Police are waiting on a crucial report which will reveal the cause of death for a 95-year-old great-grandmother who died days after she was allegedly Tasered by a police officer.
Senior constable Kristian James White had previously appeared in court via an audiovisual link, but bail conditions imposed by the NSW Supreme Court in July now require him to appear in person.
The 33-year-old wore a blue suit and a white shirt with large reflective sunglasses as he tried to avoid journalists waiting outside Cooma Local Court on Wednesday morning.
Accompanied by his partner, he stood blank faced outside the courthouse and refused to answer any questions as he waited to be allowed into the court.
He is facing charges of recklessly causing grievous bodily harm, assault occasioning actual bodily harm and common assault over his alleged “excessive use of force” against Mrs Nowland at an aged care home in southern NSW.
The court heard most of the brief of evidence against Mr White has been collected and served on his lawyers, with the exception of a pivotal report.
The court heard the prosecution were still waiting for the post mortem report, which will outline Mrs Nowland’s cause of death and health status at the time.
Magistrate Roger Clisdell adjourned the matter for four weeks to allow the report to be completed by the coroner’s office and served on both parties.
“The accused’s bail is automatically continued,” he noted.
The matter will return to court on October 4.
Mr White bowed deeply a number of times and thanked the magistrate before leaving the courtroom.
He remained tight lipped as he exited the courthouse and walked to the nearby police station, where he parked his car.
According to police allegations, the senior constable was called to Yallambee Lodge nursing home in the early hours of May 17 after Mrs Nowland was found entering the rooms of other residents.
She was allegedly grasping two kitchen knives as she wheeled her walking frame into the rooms of three residents and leant over their beds.
As staff tried to coax her from one of the rooms, police allege the 95-year-old threw a knife at one of the carers that landed on the ground.
The carers called the police for assistance, so Constable White and a female colleague were pulled out of their beds and recalled for duty.
Police allege Mrs Nowland had gone missing twice on the nursing home grounds before the officers arrived shortly before 5am.
They joined the desperate search for the great-grandmother and found her sitting in an office with a knife and a torch in her hand.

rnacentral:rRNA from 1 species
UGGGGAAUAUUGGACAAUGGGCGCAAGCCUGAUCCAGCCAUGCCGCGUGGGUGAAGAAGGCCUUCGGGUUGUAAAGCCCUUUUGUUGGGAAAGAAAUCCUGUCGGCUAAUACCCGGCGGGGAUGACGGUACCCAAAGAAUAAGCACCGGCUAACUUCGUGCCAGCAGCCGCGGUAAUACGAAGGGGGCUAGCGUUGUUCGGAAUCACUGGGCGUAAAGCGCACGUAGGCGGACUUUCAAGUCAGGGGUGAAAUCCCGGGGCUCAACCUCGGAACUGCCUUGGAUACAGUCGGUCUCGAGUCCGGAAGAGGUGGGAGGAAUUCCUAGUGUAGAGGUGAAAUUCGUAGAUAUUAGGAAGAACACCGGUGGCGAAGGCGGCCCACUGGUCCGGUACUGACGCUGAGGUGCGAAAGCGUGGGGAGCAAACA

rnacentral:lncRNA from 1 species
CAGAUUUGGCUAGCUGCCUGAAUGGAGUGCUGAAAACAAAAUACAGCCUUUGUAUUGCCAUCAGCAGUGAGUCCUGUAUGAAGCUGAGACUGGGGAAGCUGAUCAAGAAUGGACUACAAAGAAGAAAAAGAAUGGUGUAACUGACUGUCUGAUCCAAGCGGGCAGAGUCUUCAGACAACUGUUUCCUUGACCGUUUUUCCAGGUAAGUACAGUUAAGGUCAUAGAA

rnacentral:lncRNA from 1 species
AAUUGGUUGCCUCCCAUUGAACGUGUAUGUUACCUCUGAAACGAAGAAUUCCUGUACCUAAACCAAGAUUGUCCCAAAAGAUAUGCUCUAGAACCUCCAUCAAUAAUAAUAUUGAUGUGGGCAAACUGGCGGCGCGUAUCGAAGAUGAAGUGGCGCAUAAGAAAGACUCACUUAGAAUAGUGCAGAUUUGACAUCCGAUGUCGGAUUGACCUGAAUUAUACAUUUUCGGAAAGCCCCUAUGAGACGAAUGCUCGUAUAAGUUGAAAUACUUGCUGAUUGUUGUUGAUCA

When asked to drop the knife, the court documents state she placed the torch on the desk before slowly standing up with the assistance of her four-wheeled walking frame.
The unnamed female officer allegedly said she could try to retrieve the knife in Mrs Nowland’s hand and walked towards the elderly woman.
But when she tried to approach, the 95-year-old allegedly took her hand off the walker slightly and pointed the knife at the officer.
According to the documents, Constable White activated the Taser’s warning device in response and pointed it at the chest of the 43kg woman.
“Clare, stop now, see this, this is a Taser,” he allegedly cautioned the great-grandmother.
“Drop it now, drop it, this is your first warning.”
Constable White allegedly lit up the device and initiated the audio before telling her “see, you are going to get tased.”
The dementia patient allegedly had the knife raised when Constable White said “stop just … nah bugger it” and deployed the Taser into her chest.
She fell backwards and struck “her head heavily on the wooden floor” of the nursing home, according to police.
Police allege Constable White reacted with “a grossly disproportionate response” by discharging his Taser at the 95-year-old woman in contravention of standard operating procedures.
An expert interviewed by police determined the incident did not meet the threshold of exceptional circumstances that justify deploying a Taser against an elderly or disabled person.
Mrs Nowland was found to have an inoperable bleed on her brain and died days later in Cooma Hospital. She is survived by eight children, 24 grandchildren and 30 great-grandchildren.
Mrs Nowland’s family said the allegations against Mr White were “extremely confronting and shocking”.
NSW Police Commissioner Karen Webb has previously said the officer’s charges could be upgraded once the circumstances surrounding Mrs Nowland’s death were better known.
He remains suspended from duty with full pay.